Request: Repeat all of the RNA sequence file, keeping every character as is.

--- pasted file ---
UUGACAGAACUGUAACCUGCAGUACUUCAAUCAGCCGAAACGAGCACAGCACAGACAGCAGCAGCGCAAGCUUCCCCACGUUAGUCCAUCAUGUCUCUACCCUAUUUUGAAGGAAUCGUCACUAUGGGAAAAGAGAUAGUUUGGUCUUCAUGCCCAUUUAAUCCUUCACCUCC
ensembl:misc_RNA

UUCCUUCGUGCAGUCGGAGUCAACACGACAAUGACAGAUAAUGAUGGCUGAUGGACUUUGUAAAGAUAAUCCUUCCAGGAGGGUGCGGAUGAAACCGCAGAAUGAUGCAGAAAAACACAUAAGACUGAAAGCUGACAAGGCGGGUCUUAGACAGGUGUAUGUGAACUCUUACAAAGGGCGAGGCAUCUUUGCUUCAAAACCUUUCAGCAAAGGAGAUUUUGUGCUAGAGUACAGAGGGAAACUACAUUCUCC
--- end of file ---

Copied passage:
UUGACAGAACUGUAACCUGCAGUACUUCAAUCAGCCGAAACGAGCACAGCACAGACAGCAGCAGCGCAAGCUUCCCCACGUUAGUCCAUCAUGUCUCUACCCUAUUUUGAAGGAAUCGUCACUAUGGGAAAAGAGAUAGUUUGGUCUUCAUGCCCAUUUAAUCCUUCACCUCC
ensembl:misc_RNA

UUCCUUCGUGCAGUCGGAGUCAACACGACAAUGACAGAUAAUGAUGGCUGAUGGACUUUGUAAAGAUAAUCCUUCCAGGAGGGUGCGGAUGAAACCGCAGAAUGAUGCAGAAAAACACAUAAGACUGAAAGCUGACAAGGCGGGUCUUAGACAGGUGUAUGUGAACUCUUACAAAGGGCGAGGCAUCUUUGCUUCAAAACCUUUCAGCAAAGGAGAUUUUGUGCUAGAGUACAGAGGGAAACUACAUUCUCC